Occasionally he grabs his left shoulder and makes a face. It hurts when you walk, when you sit still, when you get up from your sofa and when you take a false step in a wet meadow. It hurts more. It seems a kind of agony, although he never mentions it. There are times when he cannot help showing this, the consequences of a car accident four years ago, in which the car he was driving turned and rolled, leaving Freeman and a friend who were taken out of the car with the Life Jaws. Despite surgery to repair nerve damage, he was trapped with a useless left hand. It is strongly grasped by a compression glove most of the time to ensure that blood does not accumulate there. It is a pincer, its pain, an icy blow to a relatively useless limb. He does not like to show it, but there are times when he cannot avoid getting lost in a grimace that ends the world. It’s such a big gesture
“It’s fibromyalgia,” he says when asked. “Up and down the arm. That’s where it gets so bad. Incruciating. ”
This means that Morgan Freeman cannot fly jets as he used to, a hobby he assumed at sixty-five. He can no longer navigate so well. There was a time when I was sailing alone to the Caribbean and hid for two or three weeks in a row. “It was complete isolation,” he says. “It was the best way to find silence, how I found time to read.” No more. He cannot trust himself in one arm. He can’t drive, not a stick anyway, nor the way he used to do it, that is, fast, open, dedicated to what the car can do. And he can’t ride so much on horseback, although he once rode every day.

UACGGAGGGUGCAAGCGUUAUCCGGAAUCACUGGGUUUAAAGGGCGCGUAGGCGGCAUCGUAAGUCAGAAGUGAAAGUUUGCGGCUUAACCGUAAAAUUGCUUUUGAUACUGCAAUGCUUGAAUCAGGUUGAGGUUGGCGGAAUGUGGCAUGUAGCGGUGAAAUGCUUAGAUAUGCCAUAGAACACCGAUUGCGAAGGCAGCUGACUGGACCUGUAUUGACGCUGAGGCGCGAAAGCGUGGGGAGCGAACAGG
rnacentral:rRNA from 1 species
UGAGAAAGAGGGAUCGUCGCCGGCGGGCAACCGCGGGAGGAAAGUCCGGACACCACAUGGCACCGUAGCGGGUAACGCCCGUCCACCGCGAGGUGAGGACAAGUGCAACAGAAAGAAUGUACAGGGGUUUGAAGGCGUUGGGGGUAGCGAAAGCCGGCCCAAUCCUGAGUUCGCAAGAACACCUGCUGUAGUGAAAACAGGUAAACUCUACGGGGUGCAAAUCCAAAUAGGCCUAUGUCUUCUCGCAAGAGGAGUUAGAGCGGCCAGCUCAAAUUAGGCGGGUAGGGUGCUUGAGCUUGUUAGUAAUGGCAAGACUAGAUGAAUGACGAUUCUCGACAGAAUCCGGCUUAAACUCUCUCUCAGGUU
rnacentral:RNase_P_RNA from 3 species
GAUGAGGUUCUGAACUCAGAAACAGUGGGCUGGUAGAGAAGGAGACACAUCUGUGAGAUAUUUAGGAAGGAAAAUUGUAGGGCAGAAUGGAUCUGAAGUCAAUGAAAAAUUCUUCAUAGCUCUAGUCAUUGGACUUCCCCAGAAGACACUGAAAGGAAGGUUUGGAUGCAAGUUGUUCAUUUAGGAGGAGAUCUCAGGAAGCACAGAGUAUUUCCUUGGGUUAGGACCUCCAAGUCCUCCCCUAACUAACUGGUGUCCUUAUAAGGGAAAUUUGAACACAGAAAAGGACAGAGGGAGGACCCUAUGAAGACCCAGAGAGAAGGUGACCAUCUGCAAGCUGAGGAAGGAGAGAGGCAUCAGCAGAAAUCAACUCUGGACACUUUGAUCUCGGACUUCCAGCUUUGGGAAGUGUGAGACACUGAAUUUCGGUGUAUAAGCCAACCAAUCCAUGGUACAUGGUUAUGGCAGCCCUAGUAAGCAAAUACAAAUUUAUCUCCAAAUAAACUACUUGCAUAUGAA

He never mentions any of that as a loss, although how could it be something else? It never revolves about the injustice of this. “There is a point for changes like these. I have to move on to other things, to other conceptions of myself. I play golf. I still work. And I can be very happy just by walking on the ground. ”
Wait. How can you play golf with a cut wing like this? How can you hit a stick when you can’t raise one of your arms?
“I play with just one hand,” he tells me. “I swing with my right arm.”
How does that work for you?
“Check it out for yourself,” he says. “I’m playing at 3:00 today.”
Freeman’s revelation that he has fibromyalgia spread like wildfire through the FM community. Finally, here was a celebrity from list A who recognized that he had been diagnosed with FM. A handful of other celebrities have had the courage to talk about their FM, for which we are extremely grateful, but so far none has had the power of Morgan Freeman’s super star.
Almost immediately, FM patients and advocates began asking Freeman to speak on behalf of others with fibromyalgia. It is even rumored that a large national FM organization has approached him about being his spokesperson. While most of the FM community seems to strongly support that idea, some have questioned the wisdom that Freeman is an FM spokesman.
From what I have read, those who doubt that Freeman represents the FM community seem to have three concerns:
Do you really have fibromyalgia since you only mentioned pain in your left shoulder and arm?
It is still very active and, therefore, would present an inaccurate picture of how debilitating FM can be.
Since most people with FM are women, as a man it would not be representative of most patients.
Let’s take a closer look at each of these concerns.
Do you really have fibromyalgia? – I have to admit that the first time I read the article, I also wondered if it had been correctly diagnosed. But when I reread it, I noticed that he said: “Up and down the arm. That’s where it gets so bad. Unbearable “. His statement, “That’s where it gets so bad,” it seems he probably has another pain, but the pain in his arm is the worst. For many years, I could have made a similar statement about my left hip. Although I had pain all over my body almost all the time, it was the pain in my hip that was generally the worst.